Broken asphalt, cinder block and brick are crushed to a proper gradation of CA6 3-in. and sold as commercial grade. Wood waste, trees and branches are triple ground into premium mulch and topsoil. Topsoil dumps are screened, pulverized and sold to landscapers, excavators and other customers who need it.

"Some materials we don't produce are imported so CHDS can be a one-stop shop. If a customer need ¾ in. of virgin clear, we have it," said Powell.

When it comes to the right equipment to process all this material, Powell needs tough machines that will keep up with the task at hand. Recently, a customer suggested he look into National Attachments.

"National Attachments' Nye pulverizer was recommended to me by a customer we do business with," said Powell. "He had purchased one and was very happy with it."

Powell spoke with Gabe Guimond of National Attachments, and together they put specs together and came up with a tool that would make his operation run more smoothly — the Nye CP47 concrete pulverizer.

"Gabe was really easy to talk to and National Attachments was super easy to deal with," said Powell. "It didn't take more than 15 minutes to put together what we needed. They emailed me a price back right away."

The CP4 series pulverizers are the company's ninth generation design and is built with three different grades of quenched and tempered alloy steel to provide strength, toughness and wear resistance. The solid AR500 teeth are welded to prevent them falling out and the ripper option features a four-position ripper shank for sorting, prying and flipping. Powell's model is the CP47 3 over 4 pulverizer, which allows for greater cracking force on thicker materials.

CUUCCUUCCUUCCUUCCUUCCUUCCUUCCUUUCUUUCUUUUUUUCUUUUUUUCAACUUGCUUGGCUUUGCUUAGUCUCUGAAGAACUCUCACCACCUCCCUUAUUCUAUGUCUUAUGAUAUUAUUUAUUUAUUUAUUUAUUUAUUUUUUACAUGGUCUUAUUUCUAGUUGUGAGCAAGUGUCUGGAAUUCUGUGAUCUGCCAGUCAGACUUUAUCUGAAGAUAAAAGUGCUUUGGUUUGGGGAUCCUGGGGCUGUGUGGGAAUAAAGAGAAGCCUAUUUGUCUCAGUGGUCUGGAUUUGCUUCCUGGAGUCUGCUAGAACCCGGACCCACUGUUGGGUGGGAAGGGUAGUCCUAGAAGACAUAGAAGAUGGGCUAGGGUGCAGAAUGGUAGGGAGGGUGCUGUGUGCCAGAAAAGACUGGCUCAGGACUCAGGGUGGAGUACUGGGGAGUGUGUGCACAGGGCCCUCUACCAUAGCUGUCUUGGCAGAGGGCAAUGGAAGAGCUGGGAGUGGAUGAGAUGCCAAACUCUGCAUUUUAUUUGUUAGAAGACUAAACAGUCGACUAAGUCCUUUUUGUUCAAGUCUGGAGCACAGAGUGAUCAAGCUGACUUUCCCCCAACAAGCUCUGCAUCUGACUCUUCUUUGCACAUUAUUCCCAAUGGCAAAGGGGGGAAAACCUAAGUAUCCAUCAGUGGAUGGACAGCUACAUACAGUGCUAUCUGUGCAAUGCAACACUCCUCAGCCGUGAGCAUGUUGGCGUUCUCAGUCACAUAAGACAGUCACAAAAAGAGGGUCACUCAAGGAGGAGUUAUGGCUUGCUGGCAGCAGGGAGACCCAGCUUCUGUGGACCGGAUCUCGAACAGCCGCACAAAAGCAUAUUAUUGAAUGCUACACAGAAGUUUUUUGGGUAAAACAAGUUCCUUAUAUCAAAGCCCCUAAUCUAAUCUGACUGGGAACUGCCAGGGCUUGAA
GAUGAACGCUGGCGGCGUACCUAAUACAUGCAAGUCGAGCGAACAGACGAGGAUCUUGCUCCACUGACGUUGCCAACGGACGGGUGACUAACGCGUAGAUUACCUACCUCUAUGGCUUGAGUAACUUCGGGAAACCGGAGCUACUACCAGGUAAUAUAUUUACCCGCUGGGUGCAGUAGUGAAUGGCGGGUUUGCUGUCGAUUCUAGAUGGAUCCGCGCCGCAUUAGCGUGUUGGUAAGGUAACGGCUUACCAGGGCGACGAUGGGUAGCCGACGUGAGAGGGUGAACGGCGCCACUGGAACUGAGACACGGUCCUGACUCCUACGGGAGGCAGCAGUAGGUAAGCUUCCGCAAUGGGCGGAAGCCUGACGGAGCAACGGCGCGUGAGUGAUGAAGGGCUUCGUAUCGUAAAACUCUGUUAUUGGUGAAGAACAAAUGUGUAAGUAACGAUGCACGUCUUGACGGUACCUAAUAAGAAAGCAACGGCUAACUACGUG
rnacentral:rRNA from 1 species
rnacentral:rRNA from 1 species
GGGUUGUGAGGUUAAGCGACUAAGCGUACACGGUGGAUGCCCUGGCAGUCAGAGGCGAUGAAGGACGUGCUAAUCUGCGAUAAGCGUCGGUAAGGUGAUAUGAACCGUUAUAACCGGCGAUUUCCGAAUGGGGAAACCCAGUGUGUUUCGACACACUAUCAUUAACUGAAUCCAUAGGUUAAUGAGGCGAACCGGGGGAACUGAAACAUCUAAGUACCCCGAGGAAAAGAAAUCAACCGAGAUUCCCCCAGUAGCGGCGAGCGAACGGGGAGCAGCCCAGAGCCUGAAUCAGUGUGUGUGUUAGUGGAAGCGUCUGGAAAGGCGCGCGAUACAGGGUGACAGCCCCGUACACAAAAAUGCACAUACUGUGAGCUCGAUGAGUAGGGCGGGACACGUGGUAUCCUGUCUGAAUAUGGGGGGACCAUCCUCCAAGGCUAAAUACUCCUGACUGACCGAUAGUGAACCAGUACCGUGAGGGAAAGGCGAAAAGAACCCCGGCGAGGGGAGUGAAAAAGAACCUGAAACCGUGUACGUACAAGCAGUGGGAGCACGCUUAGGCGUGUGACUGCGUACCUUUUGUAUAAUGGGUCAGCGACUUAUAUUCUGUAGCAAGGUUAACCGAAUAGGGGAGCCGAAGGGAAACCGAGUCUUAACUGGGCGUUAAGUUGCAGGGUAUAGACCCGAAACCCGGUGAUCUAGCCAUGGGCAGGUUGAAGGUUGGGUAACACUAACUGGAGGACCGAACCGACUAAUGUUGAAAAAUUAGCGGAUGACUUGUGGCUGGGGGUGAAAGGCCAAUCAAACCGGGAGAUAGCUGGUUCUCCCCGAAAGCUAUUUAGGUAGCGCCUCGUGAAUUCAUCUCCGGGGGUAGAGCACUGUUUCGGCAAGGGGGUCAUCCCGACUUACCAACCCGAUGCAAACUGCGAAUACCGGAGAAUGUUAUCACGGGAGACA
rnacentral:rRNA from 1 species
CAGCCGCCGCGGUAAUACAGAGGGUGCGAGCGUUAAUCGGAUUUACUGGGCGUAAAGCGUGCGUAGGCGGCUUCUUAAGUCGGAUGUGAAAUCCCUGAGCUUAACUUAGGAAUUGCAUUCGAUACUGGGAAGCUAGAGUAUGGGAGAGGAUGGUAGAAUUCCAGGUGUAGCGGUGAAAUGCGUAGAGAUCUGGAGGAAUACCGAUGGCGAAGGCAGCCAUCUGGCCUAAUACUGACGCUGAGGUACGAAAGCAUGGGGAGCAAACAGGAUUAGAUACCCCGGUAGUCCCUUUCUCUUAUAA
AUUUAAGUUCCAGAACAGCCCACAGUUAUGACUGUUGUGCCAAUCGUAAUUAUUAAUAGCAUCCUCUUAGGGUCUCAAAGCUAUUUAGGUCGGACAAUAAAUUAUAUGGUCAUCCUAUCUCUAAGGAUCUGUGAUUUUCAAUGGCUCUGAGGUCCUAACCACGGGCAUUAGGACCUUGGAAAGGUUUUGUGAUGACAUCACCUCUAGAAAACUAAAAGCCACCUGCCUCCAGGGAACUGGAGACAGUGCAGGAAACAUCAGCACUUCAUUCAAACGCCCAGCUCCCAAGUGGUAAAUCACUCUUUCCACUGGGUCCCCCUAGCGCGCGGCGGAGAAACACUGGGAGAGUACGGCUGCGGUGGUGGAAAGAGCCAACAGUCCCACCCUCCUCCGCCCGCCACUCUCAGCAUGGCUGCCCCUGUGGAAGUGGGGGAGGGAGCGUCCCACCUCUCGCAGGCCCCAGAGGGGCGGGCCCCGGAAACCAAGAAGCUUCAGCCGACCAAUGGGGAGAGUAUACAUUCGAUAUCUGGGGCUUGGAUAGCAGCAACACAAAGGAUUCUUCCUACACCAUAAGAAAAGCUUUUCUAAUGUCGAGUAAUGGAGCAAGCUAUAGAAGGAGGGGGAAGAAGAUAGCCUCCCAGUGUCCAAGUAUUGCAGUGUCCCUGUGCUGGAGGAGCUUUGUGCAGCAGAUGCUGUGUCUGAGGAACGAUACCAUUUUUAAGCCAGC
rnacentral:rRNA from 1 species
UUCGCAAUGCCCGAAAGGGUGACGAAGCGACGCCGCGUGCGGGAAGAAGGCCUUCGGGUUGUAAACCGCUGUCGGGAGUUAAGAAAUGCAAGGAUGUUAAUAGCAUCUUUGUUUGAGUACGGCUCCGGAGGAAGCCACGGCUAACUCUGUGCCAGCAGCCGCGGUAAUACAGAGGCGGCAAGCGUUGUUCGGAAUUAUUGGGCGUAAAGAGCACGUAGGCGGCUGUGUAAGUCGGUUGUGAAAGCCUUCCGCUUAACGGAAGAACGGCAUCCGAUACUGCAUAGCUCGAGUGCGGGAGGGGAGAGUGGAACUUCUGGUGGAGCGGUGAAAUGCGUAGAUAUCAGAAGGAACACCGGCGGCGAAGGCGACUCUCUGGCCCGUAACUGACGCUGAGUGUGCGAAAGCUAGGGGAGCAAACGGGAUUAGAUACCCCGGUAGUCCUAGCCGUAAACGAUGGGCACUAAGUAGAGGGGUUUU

"It took some time for manufacturing, because they built it on order," said Powell. "Once we got it, we welded our brackets up on the excavator. We got it with the quick connect, so it's a little easier for us, but it exceeded our expectations. We had some high expectations because of the recommendations."

The Nye pulverizer is attached to a John Deere 450 DLC excavator (purchased from West Side Tractor Sales). It crushes the concrete and removes any rebar. The material is then sent to a McCloskey J45 portable crushing plant with a McCloskey screener.

"The Nye pulverizer saves us so much wear and tear on the crushing units themselves," said Powell. "It helps get the rebar out, helps keep belts from getting ripped constantly and the production time off the crusher just becomes so much greater as you preprocess the material. I've only had it for a few weeks and I'm already really happy with the thing. It even tears through product that was set aside and was unusable for us until we got the jaw."

As for the bottom line, Powell knows the Nye concrete pulverizer will pay off long term.

"It definitely saves labor and wear and tear," he said. "At the end of the day it will improve the bottom line. Just from what we've done so far, it will help create more usable product and it should knock down labor and repair."

For more information, visit nationalattachments.com and chdsllc.com. CEG

This story also appears on Construction Equipment Guide.